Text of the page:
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This film is not for the general, popular culture-driven movie-going public; in fact, it is probably better suited to those who wish to see such a crowd grow increasingly uncomfortable throughout the course of a three-hour film while you enjoy the artistry of David Lynch’s filmmaking and the grandeur of Laura Dern’s performance.
Inland Empire (2006) took over two years to film, with the script being written simultaneously. Yet, it is this rather unconventional method of modern filmmaking which perfectly suits a movie that could possibly be exploring the inner psyche of the director David Lynch. Some deem it to be too confusing, perplexing, and devoid of true narrative for it to be an entertaining movie, but it’s within the many wormholes of the movie that the narrative of the protagonist’s unravelling is truly portrayed.
Shot entirely by a low-resolution digital camcorder in the hand of David Lynch, with the score and editing also being Lynch’s work, Inland Empire appears to go as far as it can to make its audience uncomfortable with long stretches of dialogue shot mere inches from each actor’s face. The eerie music, dim lighting, and digital video combine to create an unnerving atmosphere that puts the viewer in the mind of Laura Dern’s character while she reaches the inner sanctums of madness through a series of bizarre occurrences across the many levels and lines of the movie.
Inland Empire features good performances from many recognisable actors, including Justin Theroux and Harry Dean Stanton, with that of Laura Dern earning her an ocean of appraisal, and rightly so. Dern isn’t afraid to fully commit herself to the madness that’s unfolding within the character (Nikki/Sue) as well as delve into the very necessary ugly side of acting with some ghastly facial expressions that capture the impetus of the scene at hand. Dern’s performance is utterly captivating while Jeremy Irons (Kingsley) also deserves credit for his more appealing and conventional role in the movie.
The primary plot of Inland Empire centres around Nikki (Dern) earning the leading role as the character of Sue in the film On High in Blue Tomorrows, which follows one of the predictions of an old woman, and Nikki’s experience of making the movie. Arriving on the part-built set early with her co-star Devon (Theroux), the two are met by the director Kingsley Stewart (Irons) and Freddie Howard (Stanton) who ask their leads to run lines. After giving an early glimpse of the acting prowess that Dern is to deliver later in the film, a strange noise forces Devon to leave his seat and investigate the set, ultimately not finding anything abnormal. It is then that Kingsley decides to divulge the origins of the script.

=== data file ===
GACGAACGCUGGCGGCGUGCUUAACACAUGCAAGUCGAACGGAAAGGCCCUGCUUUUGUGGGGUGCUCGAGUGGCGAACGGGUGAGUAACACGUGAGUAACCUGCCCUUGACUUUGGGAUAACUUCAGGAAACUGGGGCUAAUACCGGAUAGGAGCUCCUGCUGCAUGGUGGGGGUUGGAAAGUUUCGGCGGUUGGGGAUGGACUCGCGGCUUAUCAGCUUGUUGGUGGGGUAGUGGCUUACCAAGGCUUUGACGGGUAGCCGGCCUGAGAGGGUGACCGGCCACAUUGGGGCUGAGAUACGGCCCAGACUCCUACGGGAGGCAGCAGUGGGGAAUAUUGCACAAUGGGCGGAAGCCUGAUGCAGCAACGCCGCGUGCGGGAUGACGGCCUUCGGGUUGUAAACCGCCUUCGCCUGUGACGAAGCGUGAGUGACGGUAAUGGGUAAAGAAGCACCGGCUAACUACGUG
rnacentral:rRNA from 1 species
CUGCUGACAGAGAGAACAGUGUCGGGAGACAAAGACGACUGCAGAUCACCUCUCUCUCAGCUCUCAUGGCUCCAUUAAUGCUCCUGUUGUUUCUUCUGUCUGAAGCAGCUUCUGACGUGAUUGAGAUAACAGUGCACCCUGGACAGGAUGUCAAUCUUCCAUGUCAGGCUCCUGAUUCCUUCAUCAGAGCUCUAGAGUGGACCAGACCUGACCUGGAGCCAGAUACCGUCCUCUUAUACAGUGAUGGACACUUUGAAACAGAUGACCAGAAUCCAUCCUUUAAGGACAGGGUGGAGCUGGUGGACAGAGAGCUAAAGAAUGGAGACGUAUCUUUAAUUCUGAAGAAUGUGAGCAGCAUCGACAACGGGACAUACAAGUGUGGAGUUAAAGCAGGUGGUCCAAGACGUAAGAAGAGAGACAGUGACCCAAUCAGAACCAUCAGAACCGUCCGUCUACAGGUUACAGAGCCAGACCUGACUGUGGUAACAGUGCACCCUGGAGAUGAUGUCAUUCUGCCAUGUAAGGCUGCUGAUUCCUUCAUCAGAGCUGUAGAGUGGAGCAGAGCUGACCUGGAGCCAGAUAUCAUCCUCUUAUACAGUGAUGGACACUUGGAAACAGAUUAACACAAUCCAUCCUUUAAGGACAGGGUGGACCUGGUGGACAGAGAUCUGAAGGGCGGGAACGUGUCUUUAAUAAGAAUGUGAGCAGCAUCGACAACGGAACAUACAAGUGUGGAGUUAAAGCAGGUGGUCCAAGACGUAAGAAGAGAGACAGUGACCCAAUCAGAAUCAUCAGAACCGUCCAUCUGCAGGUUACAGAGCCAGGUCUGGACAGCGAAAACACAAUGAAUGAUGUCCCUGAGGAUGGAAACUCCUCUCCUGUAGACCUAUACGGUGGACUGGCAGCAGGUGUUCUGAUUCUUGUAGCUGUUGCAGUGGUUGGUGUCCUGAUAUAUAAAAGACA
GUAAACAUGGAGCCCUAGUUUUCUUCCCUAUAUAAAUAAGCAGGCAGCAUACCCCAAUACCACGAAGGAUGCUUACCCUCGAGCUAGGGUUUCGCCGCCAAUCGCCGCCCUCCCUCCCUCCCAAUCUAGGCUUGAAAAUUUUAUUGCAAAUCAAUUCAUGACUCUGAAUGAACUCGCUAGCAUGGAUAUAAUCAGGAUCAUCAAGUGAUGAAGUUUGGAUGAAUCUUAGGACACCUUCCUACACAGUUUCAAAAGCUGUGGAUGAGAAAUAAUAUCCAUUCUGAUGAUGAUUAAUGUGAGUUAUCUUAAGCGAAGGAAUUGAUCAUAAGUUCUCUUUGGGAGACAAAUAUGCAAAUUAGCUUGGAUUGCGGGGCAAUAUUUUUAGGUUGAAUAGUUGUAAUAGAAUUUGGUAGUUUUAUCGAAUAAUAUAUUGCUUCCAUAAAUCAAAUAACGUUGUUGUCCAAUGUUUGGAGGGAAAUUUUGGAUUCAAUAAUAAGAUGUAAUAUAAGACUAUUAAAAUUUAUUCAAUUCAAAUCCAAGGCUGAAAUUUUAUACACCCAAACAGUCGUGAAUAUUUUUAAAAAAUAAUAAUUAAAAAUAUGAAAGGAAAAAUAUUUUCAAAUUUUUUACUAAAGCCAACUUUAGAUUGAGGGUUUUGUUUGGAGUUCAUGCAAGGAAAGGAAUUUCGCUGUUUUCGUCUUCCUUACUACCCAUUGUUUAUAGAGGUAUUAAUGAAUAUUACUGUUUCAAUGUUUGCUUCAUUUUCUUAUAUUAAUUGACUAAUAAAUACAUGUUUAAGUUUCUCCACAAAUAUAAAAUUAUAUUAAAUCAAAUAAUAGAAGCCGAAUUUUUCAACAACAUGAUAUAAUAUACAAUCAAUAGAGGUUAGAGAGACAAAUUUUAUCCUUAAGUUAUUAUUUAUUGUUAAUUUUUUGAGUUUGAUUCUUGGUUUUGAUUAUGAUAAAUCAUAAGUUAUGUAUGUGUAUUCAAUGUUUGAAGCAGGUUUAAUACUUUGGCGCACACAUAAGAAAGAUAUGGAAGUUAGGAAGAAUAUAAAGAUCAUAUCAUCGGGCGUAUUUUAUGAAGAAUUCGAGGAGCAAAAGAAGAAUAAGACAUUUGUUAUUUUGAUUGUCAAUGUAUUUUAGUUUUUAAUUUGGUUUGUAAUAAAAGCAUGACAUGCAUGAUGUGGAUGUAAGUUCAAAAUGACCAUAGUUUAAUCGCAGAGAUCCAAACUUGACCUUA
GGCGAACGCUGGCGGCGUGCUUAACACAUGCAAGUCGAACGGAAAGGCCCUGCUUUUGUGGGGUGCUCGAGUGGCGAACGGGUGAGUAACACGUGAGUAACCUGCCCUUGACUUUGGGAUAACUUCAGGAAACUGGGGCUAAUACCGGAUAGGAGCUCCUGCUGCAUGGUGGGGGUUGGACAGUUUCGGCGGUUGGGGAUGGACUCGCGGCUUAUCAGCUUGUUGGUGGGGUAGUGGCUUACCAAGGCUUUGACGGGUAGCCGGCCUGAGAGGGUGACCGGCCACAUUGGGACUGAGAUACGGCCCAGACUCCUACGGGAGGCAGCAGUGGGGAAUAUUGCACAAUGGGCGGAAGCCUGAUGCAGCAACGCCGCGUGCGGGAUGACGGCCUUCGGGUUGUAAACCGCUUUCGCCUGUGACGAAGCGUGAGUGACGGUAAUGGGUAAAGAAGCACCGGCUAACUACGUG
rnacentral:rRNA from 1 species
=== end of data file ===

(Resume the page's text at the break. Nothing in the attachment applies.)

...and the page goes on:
To Devon’s dismay, the script is not an original piece, but, it also doesn’t belong to a film in existence. The script comes from an old German movie entitled 47 which was said to be a cursed Polish gipsy folktale: cursed because the two leads were murdered, causing production to be abandoned. It is at this point that the film jumps over to Nikki speaking to wealthy, older Polish people. During this sequence, the Polish people ask Nikki a question in their native tongue and appear disgruntled when she replies that she does not understand the language. It is from here that more of the old woman’s predictions come true, with Nikki immersing herself in the character of Sue, losing track of reality.
The other recurring storylines that at first appear to be random and unconnected begin to intertwine with the primary plot, with the ambiguity leaving the viewer to interpret the film and its layout in whatever way that they see fit. The movie is less about appeasing the audience and more about forcing them to question the realities that they find themselves witnessing.
Inland Empire is, simply put, an ugly film that delves deeper into the realms of discomfort than many movie-goers would like. Not only is it very long at just under three hours, but many scenes hold the focus in uncomfortably close proximity to the target, with dialogue that can come off as misplaced or overstretched; but, it is within the unsightly aesthetics of digital video, the seemingly random nature of the various storylines, and the often confusing unravelling of Nikki/Sue’s arc, that David Lynch uses the art of filmmaking to convey his story of a woman in trouble – per the tagline – through more than just a straightforward narrative. Instead, Lynch uses every element of the medium to reach its very extremities, creating an intriguing spectacle with a satisfying ending, even if one doesn’t quite know why.
Verdict 4 / 5